Wednesday, June 26, 2019

Workplace Hate Crime Meets Commerce Clause Threshold

In United States v. Hill, (4th Cir., June 13, 2019), the U.S. 4th Circuit Court of Appeals, in a 2-1 decision, held that the federal Hate Crimes Prevention Act can constitutionally be applied to the assault of a co-worker who was preparing packages for interstate sale and shipment.  Defendant boastfully admitted to assaulting the coworker because of his sexual orientation. Finding that the commerce clause was broad enough to authorize federal coverage in this case, the majority said in part:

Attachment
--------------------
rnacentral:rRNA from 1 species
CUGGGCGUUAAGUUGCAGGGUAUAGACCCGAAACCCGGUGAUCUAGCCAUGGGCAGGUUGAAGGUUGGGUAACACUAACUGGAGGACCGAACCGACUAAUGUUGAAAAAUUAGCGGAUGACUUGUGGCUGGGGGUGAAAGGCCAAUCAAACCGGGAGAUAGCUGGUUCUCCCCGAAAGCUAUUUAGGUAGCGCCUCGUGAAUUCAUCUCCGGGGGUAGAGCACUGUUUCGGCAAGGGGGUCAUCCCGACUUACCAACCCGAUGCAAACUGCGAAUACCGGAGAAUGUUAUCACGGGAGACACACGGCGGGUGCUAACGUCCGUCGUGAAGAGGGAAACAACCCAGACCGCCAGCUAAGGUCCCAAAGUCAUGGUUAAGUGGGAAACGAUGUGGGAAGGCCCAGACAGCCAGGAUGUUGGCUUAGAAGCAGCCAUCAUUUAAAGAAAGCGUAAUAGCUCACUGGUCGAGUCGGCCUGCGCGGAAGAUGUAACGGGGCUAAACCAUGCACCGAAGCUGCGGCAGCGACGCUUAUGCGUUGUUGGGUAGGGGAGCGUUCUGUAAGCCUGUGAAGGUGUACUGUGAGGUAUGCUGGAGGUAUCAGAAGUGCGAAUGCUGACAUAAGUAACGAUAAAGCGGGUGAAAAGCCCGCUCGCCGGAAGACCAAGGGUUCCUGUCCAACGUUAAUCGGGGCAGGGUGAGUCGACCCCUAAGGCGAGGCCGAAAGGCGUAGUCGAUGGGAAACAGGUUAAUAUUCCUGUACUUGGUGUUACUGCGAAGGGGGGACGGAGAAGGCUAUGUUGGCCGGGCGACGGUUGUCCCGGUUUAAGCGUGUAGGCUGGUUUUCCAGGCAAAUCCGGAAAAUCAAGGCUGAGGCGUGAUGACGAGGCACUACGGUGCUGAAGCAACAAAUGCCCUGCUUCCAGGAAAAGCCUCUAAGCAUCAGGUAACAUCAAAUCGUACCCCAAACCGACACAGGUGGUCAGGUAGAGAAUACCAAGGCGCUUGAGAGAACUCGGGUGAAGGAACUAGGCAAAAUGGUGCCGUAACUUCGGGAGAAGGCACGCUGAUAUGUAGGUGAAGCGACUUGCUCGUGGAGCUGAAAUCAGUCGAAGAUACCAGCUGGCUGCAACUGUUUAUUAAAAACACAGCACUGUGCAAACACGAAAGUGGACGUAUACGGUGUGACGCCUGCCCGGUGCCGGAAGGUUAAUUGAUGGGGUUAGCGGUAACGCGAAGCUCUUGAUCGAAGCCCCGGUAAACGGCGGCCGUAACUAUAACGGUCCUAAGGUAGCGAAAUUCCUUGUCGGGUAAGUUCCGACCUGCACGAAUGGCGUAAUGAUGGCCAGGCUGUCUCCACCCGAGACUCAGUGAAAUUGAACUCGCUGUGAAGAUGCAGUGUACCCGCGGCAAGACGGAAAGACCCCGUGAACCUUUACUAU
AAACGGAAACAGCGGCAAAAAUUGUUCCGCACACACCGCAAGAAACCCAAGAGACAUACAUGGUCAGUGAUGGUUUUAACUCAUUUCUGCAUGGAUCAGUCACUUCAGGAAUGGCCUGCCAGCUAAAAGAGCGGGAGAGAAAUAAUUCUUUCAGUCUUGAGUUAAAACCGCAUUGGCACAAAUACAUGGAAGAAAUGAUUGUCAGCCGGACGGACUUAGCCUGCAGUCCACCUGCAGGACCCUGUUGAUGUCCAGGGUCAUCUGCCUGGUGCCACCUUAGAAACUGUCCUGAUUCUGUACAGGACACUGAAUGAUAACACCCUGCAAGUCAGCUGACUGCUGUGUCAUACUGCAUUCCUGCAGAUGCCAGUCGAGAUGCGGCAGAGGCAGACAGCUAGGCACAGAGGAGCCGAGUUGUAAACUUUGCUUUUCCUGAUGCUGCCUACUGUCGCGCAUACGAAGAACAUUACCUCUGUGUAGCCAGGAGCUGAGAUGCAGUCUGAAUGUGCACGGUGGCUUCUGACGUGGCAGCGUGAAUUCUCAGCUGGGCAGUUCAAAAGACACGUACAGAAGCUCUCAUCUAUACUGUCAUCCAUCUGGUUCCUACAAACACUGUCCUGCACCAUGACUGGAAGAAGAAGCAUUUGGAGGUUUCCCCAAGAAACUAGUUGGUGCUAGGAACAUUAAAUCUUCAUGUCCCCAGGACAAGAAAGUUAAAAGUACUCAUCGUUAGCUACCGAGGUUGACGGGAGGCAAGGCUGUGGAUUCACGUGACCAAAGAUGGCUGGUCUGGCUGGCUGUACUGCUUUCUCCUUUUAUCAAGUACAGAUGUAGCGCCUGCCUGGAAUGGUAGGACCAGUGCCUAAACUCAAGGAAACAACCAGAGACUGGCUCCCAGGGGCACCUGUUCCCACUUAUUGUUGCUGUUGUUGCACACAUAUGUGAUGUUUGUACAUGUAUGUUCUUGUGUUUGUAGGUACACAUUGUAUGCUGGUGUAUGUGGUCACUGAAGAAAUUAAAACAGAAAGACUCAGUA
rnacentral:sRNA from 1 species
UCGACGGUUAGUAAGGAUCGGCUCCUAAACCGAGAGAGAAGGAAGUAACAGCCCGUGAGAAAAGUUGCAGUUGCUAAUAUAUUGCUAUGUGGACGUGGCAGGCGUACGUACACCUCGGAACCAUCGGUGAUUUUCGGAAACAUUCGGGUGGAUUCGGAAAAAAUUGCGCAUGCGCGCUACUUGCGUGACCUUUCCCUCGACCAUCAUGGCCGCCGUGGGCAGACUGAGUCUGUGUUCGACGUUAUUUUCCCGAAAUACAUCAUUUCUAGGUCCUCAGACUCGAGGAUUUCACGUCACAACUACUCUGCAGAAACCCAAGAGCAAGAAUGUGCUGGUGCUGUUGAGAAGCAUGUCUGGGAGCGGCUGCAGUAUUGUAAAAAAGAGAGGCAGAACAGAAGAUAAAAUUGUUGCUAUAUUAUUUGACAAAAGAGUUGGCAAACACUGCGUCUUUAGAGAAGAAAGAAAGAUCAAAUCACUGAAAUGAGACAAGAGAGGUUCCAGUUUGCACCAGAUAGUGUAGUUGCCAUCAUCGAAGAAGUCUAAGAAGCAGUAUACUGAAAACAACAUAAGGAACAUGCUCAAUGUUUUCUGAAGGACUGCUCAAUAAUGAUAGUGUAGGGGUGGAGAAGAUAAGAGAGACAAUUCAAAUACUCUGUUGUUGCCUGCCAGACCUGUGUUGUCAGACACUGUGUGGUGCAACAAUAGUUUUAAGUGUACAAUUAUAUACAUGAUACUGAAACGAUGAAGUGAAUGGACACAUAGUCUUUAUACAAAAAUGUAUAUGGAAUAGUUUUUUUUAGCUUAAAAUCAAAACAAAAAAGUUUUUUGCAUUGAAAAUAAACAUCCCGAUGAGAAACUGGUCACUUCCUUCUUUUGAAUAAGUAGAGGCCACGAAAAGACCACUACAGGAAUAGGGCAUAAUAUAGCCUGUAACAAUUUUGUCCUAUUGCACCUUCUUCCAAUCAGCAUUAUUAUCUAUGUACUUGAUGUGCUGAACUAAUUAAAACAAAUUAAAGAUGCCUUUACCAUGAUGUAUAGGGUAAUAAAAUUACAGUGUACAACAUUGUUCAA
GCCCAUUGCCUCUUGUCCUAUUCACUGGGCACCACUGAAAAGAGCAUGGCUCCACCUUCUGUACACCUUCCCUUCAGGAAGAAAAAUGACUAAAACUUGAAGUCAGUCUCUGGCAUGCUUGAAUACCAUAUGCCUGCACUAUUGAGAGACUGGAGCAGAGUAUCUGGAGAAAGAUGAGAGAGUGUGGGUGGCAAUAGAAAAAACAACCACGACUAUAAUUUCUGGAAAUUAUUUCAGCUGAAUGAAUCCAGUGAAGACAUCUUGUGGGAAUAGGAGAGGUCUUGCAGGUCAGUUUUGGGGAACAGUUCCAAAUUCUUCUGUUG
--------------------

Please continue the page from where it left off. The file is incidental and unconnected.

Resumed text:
[W]hen Congress may regulate an economic or commercial activity, it also may regulate violent conduct that interferes with or affects that activity.
Judge Agee dissented, arguing:
To allow Congress to exercise its Commerce Clause power over the noneconomic offense of a bias-motived punch would allow Congress to exercise its Commerce Clause power based on such indirect—and often, as here, non-existent—connection to commerce that it converts the Clause into a federal police power.